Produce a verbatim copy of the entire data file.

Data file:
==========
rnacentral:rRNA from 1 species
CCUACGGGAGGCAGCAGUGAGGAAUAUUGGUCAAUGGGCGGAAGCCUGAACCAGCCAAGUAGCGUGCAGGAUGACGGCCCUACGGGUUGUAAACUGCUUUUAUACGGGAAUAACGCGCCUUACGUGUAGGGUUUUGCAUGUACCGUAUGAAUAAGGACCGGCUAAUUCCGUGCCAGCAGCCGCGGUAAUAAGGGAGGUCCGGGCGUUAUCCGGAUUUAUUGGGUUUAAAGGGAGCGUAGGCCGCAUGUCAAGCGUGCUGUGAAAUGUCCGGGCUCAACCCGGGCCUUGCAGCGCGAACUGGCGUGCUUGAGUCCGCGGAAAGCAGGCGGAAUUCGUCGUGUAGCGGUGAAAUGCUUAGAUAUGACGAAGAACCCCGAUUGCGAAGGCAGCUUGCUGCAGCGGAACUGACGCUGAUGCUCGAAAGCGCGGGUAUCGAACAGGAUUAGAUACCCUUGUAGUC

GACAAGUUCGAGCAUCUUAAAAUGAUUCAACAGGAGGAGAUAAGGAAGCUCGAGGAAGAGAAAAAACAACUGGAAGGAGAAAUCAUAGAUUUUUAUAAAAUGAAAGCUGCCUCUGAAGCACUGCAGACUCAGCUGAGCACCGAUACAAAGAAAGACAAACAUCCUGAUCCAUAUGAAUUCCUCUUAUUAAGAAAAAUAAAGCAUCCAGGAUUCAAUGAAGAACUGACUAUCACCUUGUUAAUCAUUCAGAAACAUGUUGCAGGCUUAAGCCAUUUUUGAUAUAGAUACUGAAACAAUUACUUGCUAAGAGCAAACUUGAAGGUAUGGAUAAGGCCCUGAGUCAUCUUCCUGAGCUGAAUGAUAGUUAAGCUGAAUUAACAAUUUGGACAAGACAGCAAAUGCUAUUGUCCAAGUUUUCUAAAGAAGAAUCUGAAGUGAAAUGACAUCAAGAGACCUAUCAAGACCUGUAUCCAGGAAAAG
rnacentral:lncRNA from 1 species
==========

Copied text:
rnacentral:rRNA from 1 species
CCUACGGGAGGCAGCAGUGAGGAAUAUUGGUCAAUGGGCGGAAGCCUGAACCAGCCAAGUAGCGUGCAGGAUGACGGCCCUACGGGUUGUAAACUGCUUUUAUACGGGAAUAACGCGCCUUACGUGUAGGGUUUUGCAUGUACCGUAUGAAUAAGGACCGGCUAAUUCCGUGCCAGCAGCCGCGGUAAUAAGGGAGGUCCGGGCGUUAUCCGGAUUUAUUGGGUUUAAAGGGAGCGUAGGCCGCAUGUCAAGCGUGCUGUGAAAUGUCCGGGCUCAACCCGGGCCUUGCAGCGCGAACUGGCGUGCUUGAGUCCGCGGAAAGCAGGCGGAAUUCGUCGUGUAGCGGUGAAAUGCUUAGAUAUGACGAAGAACCCCGAUUGCGAAGGCAGCUUGCUGCAGCGGAACUGACGCUGAUGCUCGAAAGCGCGGGUAUCGAACAGGAUUAGAUACCCUUGUAGUC

GACAAGUUCGAGCAUCUUAAAAUGAUUCAACAGGAGGAGAUAAGGAAGCUCGAGGAAGAGAAAAAACAACUGGAAGGAGAAAUCAUAGAUUUUUAUAAAAUGAAAGCUGCCUCUGAAGCACUGCAGACUCAGCUGAGCACCGAUACAAAGAAAGACAAACAUCCUGAUCCAUAUGAAUUCCUCUUAUUAAGAAAAAUAAAGCAUCCAGGAUUCAAUGAAGAACUGACUAUCACCUUGUUAAUCAUUCAGAAACAUGUUGCAGGCUUAAGCCAUUUUUGAUAUAGAUACUGAAACAAUUACUUGCUAAGAGCAAACUUGAAGGUAUGGAUAAGGCCCUGAGUCAUCUUCCUGAGCUGAAUGAUAGUUAAGCUGAAUUAACAAUUUGGACAAGACAGCAAAUGCUAUUGUCCAAGUUUUCUAAAGAAGAAUCUGAAGUGAAAUGACAUCAAGAGACCUAUCAAGACCUGUAUCCAGGAAAAG
rnacentral:lncRNA from 1 species